Merry Christmas and a very Happy New Year to you and Tom.

    • Emily

      Thanks Lilly, a lot of people have it loads harder than me. Being able to work makes it easier for us than those who can’t for example. Enjoy your son’s babyhood; in five minutes you’ll be teaching him to read and wondering how he grew from a baby to a gorgeous boy before your very eyes. Thanks for your comments, its stuff like that that makes me do the book. Happy Christmas to you both xx

  6. Candace Allan

    Tom is a lucky boy. I felt bad we had never taken our troop to Disneyland Cal. so finally arranged a trip when they were 12, 14, 16 and 17. They loved L.A and a surfing lesson on Venice Beach and having deja vu over all the spots they’d seen in the movies – but the 12 year old was shy about seeming to like Disneyland at the old age of 12, the others had a good enough time – but they all would have like Morocco more. MerryChristmas

    • Emily

      Thanks Candace. It sounds like they loved their trip to LA. I will take Tom surfing one day. I actually went to Disneyworld / and in Orlando with work before Tom arrived on the scene and loved it, but it was in the middle of two hurricanes so we didn’t have to battle through the queues and the crowds. It was OK, but I liked Universal better! Merry Christmas to you and yours as well.

  7. That was wonderful. I loved how it was full of colour and wonder. The luscious food, the donkey, Tom’s comments. It was all so rich, wonderful.Didn’t like going through adverts tho 😦 But I recon that’s the best piece i’ve read of yours! mx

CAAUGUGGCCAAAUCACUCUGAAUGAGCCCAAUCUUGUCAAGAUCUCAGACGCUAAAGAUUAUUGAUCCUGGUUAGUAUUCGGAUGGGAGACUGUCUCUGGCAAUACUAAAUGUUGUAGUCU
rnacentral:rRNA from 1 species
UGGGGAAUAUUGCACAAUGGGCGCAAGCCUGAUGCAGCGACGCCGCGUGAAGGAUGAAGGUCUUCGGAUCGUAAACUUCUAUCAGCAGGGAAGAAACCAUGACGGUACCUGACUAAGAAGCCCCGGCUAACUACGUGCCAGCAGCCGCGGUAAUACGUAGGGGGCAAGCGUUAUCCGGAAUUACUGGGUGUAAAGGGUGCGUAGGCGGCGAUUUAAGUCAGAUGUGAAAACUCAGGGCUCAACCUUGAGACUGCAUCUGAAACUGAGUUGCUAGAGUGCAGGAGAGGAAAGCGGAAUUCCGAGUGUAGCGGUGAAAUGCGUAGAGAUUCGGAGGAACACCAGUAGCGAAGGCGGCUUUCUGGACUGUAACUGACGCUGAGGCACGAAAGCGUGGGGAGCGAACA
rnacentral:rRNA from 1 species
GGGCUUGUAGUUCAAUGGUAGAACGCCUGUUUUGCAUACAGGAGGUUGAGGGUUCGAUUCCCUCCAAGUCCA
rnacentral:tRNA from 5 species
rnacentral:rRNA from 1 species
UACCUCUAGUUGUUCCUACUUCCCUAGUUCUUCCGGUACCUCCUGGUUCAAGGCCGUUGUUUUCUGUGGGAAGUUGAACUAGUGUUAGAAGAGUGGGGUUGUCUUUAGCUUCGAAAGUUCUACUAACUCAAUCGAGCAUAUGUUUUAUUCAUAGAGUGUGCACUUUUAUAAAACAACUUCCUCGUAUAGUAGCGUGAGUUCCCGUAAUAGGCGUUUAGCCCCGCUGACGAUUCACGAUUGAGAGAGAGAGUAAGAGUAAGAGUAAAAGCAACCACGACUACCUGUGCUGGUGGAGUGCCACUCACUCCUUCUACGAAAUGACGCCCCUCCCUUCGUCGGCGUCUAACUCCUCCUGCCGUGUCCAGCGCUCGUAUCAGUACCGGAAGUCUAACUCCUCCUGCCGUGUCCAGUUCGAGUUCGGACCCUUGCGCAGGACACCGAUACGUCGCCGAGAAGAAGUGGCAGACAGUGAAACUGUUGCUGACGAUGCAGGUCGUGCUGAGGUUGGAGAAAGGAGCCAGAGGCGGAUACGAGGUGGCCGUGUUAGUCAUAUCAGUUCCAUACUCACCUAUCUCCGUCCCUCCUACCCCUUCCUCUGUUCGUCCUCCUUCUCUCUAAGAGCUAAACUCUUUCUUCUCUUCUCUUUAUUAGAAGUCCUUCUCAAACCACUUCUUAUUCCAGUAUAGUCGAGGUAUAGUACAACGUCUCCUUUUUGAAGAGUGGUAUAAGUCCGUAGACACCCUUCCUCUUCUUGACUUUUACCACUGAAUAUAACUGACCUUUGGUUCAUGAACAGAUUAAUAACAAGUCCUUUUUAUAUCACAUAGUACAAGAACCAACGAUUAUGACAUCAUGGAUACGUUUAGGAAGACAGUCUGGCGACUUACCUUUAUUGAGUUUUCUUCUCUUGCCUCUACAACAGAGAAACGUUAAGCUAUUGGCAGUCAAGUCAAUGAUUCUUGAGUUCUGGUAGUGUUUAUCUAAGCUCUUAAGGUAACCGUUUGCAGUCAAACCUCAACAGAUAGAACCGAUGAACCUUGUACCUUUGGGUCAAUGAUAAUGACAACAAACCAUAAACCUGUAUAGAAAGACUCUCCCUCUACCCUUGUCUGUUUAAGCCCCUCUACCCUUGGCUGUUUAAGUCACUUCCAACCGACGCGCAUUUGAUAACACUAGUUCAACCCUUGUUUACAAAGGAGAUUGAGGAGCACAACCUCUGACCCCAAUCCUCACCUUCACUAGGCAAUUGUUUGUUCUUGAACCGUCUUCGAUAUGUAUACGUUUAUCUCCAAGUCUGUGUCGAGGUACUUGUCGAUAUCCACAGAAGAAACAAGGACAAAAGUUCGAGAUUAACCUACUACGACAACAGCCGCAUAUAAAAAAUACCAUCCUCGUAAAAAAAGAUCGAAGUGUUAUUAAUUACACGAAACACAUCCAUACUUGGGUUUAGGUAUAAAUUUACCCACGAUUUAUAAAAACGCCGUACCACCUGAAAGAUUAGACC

8. Emily

    Thanks Martha, I hope you are well. It’s lovely to hear from you!

    If by adverts, you mean the references to where we stayed etc, our guide was brilliant and the Riad was a real find with wonderful hosts. And I still can’t believe you can fly to Marrakech for £60 on Easyjet! I get offered products to review a lot and many parenting blogs are just lists of reviews of random products. I’ve never wanted to do that here, so when I occasionally do mention a product or service here, it’s because I genuinely love it and would strongly recommend it to a friend xx.

  9. Not what you said- that was bleeding fab, the actual adverts underneath- (that took me 2 seconds to get through before I arrived at the comments!!) One will get used to it!
    Hope you and Tom enjoying your break mx

  10. chrissie mcnaught

    Hi Emily. I’ve only just discovered your blog today (a blog virgin!), and I am hooked. My boy is five, and like you, I am constantly spinning plates. I worked in public libraries at the time he was born, but having him gave me the inspiration to do even more, and I now manage to juggle a very challenging career as Chief Exec of a women’s charity, whilst maintaining my smile/identity/sanity – all since becoming a mum. My son is just a dream and I wouldn’t change any of it. A very wise old woman once told me to “keep three things” in my life that were mine, and always find time for them, no matter what. My three treats are hot fluffy baths (with candles), posh red lippie, and a massive glass of wine at the end of each day. This is a great mantra for all mums xxxxx

    • Emily

      Thanks for taking the time to comment Chrissie. Nice to hear from someone spinning nearly as many plates as me. Keep up the good work and thanks so much for the mantra (now feel less like a wino for my nightly glass and controversial out-the-back-door fag.) Should maybe swap the cigs for lippy in 2011…

  11. Oh man, now I really want to go to Marrakech! Hope you two had an amazing time x